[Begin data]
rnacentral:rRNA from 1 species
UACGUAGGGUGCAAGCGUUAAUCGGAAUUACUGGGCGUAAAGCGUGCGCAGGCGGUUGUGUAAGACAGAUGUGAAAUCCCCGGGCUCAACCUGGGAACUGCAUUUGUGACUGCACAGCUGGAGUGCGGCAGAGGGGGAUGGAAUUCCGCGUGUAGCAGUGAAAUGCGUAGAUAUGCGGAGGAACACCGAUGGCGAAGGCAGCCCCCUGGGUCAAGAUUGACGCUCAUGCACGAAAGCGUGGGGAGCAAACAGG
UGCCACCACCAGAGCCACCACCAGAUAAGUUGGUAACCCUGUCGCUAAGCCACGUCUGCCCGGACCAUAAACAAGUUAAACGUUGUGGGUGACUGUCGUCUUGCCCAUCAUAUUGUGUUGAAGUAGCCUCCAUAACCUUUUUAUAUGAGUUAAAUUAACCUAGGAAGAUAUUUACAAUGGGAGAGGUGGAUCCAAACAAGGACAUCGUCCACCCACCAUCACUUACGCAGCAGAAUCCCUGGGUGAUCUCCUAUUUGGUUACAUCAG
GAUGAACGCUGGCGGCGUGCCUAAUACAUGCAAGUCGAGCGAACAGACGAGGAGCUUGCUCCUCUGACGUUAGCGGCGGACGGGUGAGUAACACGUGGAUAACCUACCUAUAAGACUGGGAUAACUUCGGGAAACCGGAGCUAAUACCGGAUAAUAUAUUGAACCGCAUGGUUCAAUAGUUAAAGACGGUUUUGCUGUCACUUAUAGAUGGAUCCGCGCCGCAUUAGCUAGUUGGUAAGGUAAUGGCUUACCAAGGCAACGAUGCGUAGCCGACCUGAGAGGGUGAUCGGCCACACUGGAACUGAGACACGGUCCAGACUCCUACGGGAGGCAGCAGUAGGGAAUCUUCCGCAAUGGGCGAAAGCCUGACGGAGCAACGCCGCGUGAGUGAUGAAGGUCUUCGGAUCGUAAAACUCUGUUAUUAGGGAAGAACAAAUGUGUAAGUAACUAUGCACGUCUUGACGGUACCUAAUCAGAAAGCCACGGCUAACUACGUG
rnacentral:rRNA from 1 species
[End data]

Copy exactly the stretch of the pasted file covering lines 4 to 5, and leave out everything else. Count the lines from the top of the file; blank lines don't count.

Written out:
GAUGAACGCUGGCGGCGUGCCUAAUACAUGCAAGUCGAGCGAACAGACGAGGAGCUUGCUCCUCUGACGUUAGCGGCGGACGGGUGAGUAACACGUGGAUAACCUACCUAUAAGACUGGGAUAACUUCGGGAAACCGGAGCUAAUACCGGAUAAUAUAUUGAACCGCAUGGUUCAAUAGUUAAAGACGGUUUUGCUGUCACUUAUAGAUGGAUCCGCGCCGCAUUAGCUAGUUGGUAAGGUAAUGGCUUACCAAGGCAACGAUGCGUAGCCGACCUGAGAGGGUGAUCGGCCACACUGGAACUGAGACACGGUCCAGACUCCUACGGGAGGCAGCAGUAGGGAAUCUUCCGCAAUGGGCGAAAGCCUGACGGAGCAACGCCGCGUGAGUGAUGAAGGUCUUCGGAUCGUAAAACUCUGUUAUUAGGGAAGAACAAAUGUGUAAGUAACUAUGCACGUCUUGACGGUACCUAAUCAGAAAGCCACGGCUAACUACGUG
rnacentral:rRNA from 1 species